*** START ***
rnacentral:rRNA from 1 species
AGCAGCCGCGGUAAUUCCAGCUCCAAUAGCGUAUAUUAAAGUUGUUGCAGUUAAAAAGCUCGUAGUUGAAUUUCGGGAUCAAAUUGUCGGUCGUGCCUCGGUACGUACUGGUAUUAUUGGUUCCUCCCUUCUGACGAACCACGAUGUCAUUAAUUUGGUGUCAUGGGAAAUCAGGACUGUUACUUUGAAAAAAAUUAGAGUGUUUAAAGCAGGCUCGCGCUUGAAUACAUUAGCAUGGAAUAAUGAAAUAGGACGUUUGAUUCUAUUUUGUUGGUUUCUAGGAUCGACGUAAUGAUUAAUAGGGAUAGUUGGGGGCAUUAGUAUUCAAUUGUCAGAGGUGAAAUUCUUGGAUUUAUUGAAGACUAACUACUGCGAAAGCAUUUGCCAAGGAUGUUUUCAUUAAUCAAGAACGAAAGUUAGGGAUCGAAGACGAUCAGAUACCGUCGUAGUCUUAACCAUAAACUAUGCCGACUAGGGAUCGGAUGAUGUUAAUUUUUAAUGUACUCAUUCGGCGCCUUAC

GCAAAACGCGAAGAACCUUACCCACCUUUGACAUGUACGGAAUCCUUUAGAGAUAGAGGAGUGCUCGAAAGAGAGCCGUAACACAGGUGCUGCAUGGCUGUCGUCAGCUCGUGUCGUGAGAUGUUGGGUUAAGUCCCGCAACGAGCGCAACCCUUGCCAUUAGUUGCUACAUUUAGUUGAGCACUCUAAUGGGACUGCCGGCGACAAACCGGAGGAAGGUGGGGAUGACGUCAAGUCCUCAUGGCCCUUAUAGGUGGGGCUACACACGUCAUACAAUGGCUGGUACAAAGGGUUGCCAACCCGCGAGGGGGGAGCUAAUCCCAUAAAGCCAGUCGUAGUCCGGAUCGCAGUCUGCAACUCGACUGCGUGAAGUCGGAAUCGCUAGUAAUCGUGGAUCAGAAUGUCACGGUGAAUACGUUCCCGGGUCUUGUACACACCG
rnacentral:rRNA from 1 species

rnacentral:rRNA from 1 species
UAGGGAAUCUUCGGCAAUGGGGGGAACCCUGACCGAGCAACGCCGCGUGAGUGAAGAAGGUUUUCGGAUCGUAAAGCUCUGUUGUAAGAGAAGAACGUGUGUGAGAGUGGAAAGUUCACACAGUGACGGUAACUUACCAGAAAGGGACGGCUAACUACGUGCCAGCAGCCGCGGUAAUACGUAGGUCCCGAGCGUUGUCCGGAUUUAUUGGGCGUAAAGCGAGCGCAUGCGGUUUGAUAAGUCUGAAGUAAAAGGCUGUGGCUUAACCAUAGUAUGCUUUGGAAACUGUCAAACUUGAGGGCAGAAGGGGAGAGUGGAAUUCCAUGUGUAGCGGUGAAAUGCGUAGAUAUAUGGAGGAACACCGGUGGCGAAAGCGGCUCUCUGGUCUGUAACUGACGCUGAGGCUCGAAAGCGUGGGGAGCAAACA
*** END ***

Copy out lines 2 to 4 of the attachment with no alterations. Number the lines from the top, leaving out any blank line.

AGCAGCCGCGGUAAUUCCAGCUCCAAUAGCGUAUAUUAAAGUUGUUGCAGUUAAAAAGCUCGUAGUUGAAUUUCGGGAUCAAAUUGUCGGUCGUGCCUCGGUACGUACUGGUAUUAUUGGUUCCUCCCUUCUGACGAACCACGAUGUCAUUAAUUUGGUGUCAUGGGAAAUCAGGACUGUUACUUUGAAAAAAAUUAGAGUGUUUAAAGCAGGCUCGCGCUUGAAUACAUUAGCAUGGAAUAAUGAAAUAGGACGUUUGAUUCUAUUUUGUUGGUUUCUAGGAUCGACGUAAUGAUUAAUAGGGAUAGUUGGGGGCAUUAGUAUUCAAUUGUCAGAGGUGAAAUUCUUGGAUUUAUUGAAGACUAACUACUGCGAAAGCAUUUGCCAAGGAUGUUUUCAUUAAUCAAGAACGAAAGUUAGGGAUCGAAGACGAUCAGAUACCGUCGUAGUCUUAACCAUAAACUAUGCCGACUAGGGAUCGGAUGAUGUUAAUUUUUAAUGUACUCAUUCGGCGCCUUAC

GCAAAACGCGAAGAACCUUACCCACCUUUGACAUGUACGGAAUCCUUUAGAGAUAGAGGAGUGCUCGAAAGAGAGCCGUAACACAGGUGCUGCAUGGCUGUCGUCAGCUCGUGUCGUGAGAUGUUGGGUUAAGUCCCGCAACGAGCGCAACCCUUGCCAUUAGUUGCUACAUUUAGUUGAGCACUCUAAUGGGACUGCCGGCGACAAACCGGAGGAAGGUGGGGAUGACGUCAAGUCCUCAUGGCCCUUAUAGGUGGGGCUACACACGUCAUACAAUGGCUGGUACAAAGGGUUGCCAACCCGCGAGGGGGGAGCUAAUCCCAUAAAGCCAGUCGUAGUCCGGAUCGCAGUCUGCAACUCGACUGCGUGAAGUCGGAAUCGCUAGUAAUCGUGGAUCAGAAUGUCACGGUGAAUACGUUCCCGGGUCUUGUACACACCG
rnacentral:rRNA from 1 species